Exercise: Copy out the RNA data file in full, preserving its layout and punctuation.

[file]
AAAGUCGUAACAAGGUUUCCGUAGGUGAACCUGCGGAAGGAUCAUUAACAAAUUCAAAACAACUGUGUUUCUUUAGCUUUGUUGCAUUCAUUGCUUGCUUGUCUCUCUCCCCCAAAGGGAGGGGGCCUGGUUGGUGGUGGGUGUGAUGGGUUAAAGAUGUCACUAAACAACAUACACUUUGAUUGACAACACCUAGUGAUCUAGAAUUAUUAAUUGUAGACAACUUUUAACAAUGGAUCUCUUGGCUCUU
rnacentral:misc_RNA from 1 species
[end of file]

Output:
AAAGUCGUAACAAGGUUUCCGUAGGUGAACCUGCGGAAGGAUCAUUAACAAAUUCAAAACAACUGUGUUUCUUUAGCUUUGUUGCAUUCAUUGCUUGCUUGUCUCUCUCCCCCAAAGGGAGGGGGCCUGGUUGGUGGUGGGUGUGAUGGGUUAAAGAUGUCACUAAACAACAUACACUUUGAUUGACAACACCUAGUGAUCUAGAAUUAUUAAUUGUAGACAACUUUUAACAAUGGAUCUCUUGGCUCUU
rnacentral:misc_RNA from 1 species